Despite the financial hardships of 2020 and the pitfalls of the housing market, new data highlights Americans’ optimism and reveals they are proactively carving their path when it comes to this big life moment: purchasing a home.
MyWalletJoy’s 2021 Hope for Homeownership report found that 1 in 6 (17%) Americans who have not bought a home since March 2020 are planning to do so within the next two years, or before December 2022. That intent was even higher among younger generations, with 28% of 18- to 34-year-olds planning to purchase a home within the next two years.
The report, commissioned by online personal finance resource MyWalletJoy, which engaged YouGov PLC to poll the views of a representative sample of 2,723 American adults, reveals that the handful of Americans planning to purchase a home by December 2022 are meticulously taking control of their finances to reach their goal.
“Although it has been a tough year for Americans in all aspects of personal finance and big life moments, we are happy to see that optimism around buying a home is still very much alive,” said Yvette Ramos, a MyWalletJoy spokesperson. “As many are still in the savings and planning stages of this venture, MyWalletJoy is here as a resource for additional insight and financial knowledge to help hopeful homeowners navigate this sometimes-stressful process.”
Americans Are Thinking Differently About Down Payments
While the COVID-19 pandemic has forced many Americans to rethink their finances and shift their plans, those who still plan to purchase a home are changing the way they finance a down payment and how much they put down.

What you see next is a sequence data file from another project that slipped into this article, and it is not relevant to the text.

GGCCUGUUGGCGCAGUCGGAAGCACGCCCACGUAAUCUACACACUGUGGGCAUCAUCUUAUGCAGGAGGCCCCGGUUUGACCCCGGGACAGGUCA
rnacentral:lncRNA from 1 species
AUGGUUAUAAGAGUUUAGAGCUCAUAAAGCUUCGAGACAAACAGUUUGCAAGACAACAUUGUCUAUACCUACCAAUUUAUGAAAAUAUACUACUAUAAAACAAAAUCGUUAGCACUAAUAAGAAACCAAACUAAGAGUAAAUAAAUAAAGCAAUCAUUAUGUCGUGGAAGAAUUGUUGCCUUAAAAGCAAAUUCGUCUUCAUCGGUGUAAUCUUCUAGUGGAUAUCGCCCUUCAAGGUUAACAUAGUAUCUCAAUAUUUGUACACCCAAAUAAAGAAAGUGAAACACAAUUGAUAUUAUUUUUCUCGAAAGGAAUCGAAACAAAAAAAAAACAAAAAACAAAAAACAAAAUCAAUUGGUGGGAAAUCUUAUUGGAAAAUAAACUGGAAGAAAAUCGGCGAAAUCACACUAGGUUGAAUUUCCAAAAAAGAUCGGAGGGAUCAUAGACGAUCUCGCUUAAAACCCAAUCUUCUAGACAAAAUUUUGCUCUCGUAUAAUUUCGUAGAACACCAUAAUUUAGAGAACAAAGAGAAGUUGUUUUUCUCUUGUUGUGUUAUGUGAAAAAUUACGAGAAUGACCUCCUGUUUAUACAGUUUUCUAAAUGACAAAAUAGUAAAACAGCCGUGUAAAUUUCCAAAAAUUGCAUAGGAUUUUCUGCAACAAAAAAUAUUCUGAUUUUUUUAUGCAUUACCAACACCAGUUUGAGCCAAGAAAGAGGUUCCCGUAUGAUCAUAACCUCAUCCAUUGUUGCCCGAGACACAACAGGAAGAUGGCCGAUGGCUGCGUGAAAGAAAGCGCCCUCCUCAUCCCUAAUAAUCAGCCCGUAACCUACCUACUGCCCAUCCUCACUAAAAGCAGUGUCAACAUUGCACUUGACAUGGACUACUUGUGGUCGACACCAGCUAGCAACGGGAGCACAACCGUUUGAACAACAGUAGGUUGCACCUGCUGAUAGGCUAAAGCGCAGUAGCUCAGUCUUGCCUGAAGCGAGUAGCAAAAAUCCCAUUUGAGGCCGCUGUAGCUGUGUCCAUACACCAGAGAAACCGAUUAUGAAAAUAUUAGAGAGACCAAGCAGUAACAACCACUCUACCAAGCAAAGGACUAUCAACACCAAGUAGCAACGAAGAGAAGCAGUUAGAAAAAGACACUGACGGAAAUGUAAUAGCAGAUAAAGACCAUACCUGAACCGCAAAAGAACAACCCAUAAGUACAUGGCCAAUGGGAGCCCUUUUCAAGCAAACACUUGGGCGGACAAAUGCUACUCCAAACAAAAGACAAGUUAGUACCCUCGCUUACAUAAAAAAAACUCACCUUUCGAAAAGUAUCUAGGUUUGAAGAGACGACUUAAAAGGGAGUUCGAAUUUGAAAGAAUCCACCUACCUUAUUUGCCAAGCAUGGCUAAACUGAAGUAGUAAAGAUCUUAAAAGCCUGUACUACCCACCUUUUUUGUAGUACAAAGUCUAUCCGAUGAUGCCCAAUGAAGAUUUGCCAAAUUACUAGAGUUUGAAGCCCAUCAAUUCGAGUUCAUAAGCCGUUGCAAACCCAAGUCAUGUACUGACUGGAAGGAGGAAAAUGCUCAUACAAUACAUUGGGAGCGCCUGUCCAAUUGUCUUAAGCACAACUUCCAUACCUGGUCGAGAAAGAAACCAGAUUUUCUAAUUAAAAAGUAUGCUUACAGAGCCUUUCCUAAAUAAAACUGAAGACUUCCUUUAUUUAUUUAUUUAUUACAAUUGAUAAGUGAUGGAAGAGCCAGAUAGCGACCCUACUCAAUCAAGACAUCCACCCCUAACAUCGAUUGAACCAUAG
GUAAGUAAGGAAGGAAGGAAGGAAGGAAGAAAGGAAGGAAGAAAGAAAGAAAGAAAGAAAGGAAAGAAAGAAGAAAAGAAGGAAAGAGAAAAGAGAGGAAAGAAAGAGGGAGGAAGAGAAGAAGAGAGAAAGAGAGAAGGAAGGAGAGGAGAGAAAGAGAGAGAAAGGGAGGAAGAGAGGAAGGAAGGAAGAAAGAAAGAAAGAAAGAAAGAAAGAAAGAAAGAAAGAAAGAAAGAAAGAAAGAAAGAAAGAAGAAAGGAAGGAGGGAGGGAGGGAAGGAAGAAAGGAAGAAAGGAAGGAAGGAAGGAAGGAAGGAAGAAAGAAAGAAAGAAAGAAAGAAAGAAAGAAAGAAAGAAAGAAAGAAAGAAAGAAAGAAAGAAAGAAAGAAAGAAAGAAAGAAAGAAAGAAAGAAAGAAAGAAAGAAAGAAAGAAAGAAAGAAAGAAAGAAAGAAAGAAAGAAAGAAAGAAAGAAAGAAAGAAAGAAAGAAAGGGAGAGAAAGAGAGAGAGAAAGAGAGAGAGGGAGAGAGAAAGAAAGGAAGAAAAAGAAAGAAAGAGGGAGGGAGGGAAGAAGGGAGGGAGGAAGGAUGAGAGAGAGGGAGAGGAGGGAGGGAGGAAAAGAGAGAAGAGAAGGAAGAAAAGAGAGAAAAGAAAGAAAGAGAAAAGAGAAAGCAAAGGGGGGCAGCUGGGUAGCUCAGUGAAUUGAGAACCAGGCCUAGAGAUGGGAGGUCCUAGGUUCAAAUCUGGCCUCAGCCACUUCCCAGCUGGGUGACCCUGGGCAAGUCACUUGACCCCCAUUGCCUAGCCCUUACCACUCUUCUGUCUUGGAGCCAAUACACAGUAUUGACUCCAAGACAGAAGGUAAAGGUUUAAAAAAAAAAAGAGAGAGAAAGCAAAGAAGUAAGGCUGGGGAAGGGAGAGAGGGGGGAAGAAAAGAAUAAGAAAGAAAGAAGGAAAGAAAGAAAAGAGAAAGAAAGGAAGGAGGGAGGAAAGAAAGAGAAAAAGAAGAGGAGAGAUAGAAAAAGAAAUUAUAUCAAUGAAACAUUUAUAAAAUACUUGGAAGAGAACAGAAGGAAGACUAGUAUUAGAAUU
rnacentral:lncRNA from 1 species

Over half of Americans (52%) who are planning to purchase a home before December 2022 reported they aim to put down between 3%-19% of the final home price, while only 1 in 7 (14%) are sticking to a down payment of more than 20% and just under 1 in 8 (12%) will put down the traditional 20%.
While Americans are committing to lower amounts when it comes to down payments, they are still opting for traditional methods of obtaining those payments, including using their savings as well as taking out personal loans. The report found that more than 2 in 5 (43%) of these aspiring homeowners are currently saving for homeownership and plan to use personal savings and/or investments. Additionally, more than 1 in 6 (18%) plan on taking out a personal loan from an alternative lender, and 1 in 11 (9%) cited they would tap into their retirement account/savings.
Low Salaries and the Pandemic Are Preventing Many Americans From Purchasing a Home
Buying a home is a huge life moment that requires months and sometimes years of careful financial planning and discipline. Yet, regardless of how much time is taken to save the necessary funds, there are a few recurring factors that keep Americans from reaching their homeownership goals.
The main factor hindering Americans who do not have current plans to purchase a home within the next two years is salary. Nearly 1 in 3 (31%) said they do not make enough money or have a high enough salary.
Unfortunately, the data shows that the financial implications of the COVID-19 pandemic have further dented Americans’ hope of buying a home in the near future. Of those who haven’t purchased a home since March 2020 and do not have plans to do so in the next two years, 7% cited they are experiencing or anticipating too much financial turmoil caused by COVID-19.